Alpine Tower Climbing for People with Prosthetics
It's 50 feet tall, made of telephone poles, ropes, and wooden platforms. It is at the Warren Wilson College in Swannanoa, South Carolina and is used to create self-confidence, encourage team work, fitness and fun.
About 20 people (able-bodied, some with prosthetics or paraplegia) took part in the April, 2004 Alpine Tower Climb Clinic at Warren Wilson College, TN. The 50 foot high tower looks pretty impressive from the ground!
Everyone wears a safety harness. If Dave weren't wearing shorts you probably wouldn't know that his lower left leg has been replaced by a prosthesis. His harness is the same as those worn by most people.
If Dave loses his grip while climbing he is connected to a pulley system that enables his belayer to stop his fall even though she weighs much less than him.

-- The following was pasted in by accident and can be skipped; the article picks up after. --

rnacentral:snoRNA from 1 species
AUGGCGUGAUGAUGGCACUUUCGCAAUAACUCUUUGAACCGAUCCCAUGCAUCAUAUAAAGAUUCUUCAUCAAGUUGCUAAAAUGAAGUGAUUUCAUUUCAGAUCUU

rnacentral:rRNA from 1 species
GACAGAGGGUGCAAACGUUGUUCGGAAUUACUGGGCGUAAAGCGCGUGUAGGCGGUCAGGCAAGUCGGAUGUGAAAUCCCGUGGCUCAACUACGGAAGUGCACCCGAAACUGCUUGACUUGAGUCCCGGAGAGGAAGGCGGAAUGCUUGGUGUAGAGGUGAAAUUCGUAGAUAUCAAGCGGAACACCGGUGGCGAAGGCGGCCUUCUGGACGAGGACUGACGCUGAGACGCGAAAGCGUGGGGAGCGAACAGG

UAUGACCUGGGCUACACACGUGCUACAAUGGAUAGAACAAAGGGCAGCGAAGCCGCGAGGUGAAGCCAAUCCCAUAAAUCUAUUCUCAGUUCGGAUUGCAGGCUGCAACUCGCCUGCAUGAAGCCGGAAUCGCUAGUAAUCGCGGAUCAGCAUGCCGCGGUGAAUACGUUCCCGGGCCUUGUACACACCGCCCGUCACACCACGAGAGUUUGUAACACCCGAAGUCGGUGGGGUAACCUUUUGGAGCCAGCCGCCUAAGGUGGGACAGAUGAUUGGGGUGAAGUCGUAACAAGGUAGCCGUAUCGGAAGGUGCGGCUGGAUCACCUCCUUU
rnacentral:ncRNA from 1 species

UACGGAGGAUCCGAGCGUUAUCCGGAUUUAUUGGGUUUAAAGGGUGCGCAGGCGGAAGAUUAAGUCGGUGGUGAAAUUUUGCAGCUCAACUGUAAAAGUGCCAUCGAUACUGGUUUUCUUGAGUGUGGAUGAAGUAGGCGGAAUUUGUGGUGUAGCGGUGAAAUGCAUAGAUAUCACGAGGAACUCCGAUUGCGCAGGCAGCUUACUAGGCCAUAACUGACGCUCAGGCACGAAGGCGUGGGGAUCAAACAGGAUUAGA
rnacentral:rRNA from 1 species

The Alpine Tower builds self-confidence, trust, and teamwork. Niki is there to help Dave if he needs it.
The tower has both easy and difficult tasks. Of course, "easy" is a relative term. If heights bother you, just climbing that first ladder is difficult.
The first platform is a safe haven for a quick rest before continuing. It gives you a chance to plan your route further - like Dave.
Subsequent tasks get a little more difficult - and a lot higher.
Dave has switched from the vertical pole climb to a slanted pole. He has to keep his climbing ropes from getting tangled as he nears the top.
When several students started asking Dave questions about his
prosthetic it turned into an impromptu class as he
demonstrated how his artificial leg works and is put together.
It was a beautiful, warm, sunny day. Everyone had a wonderful time and learned a little about the Abilities of people with disabilities.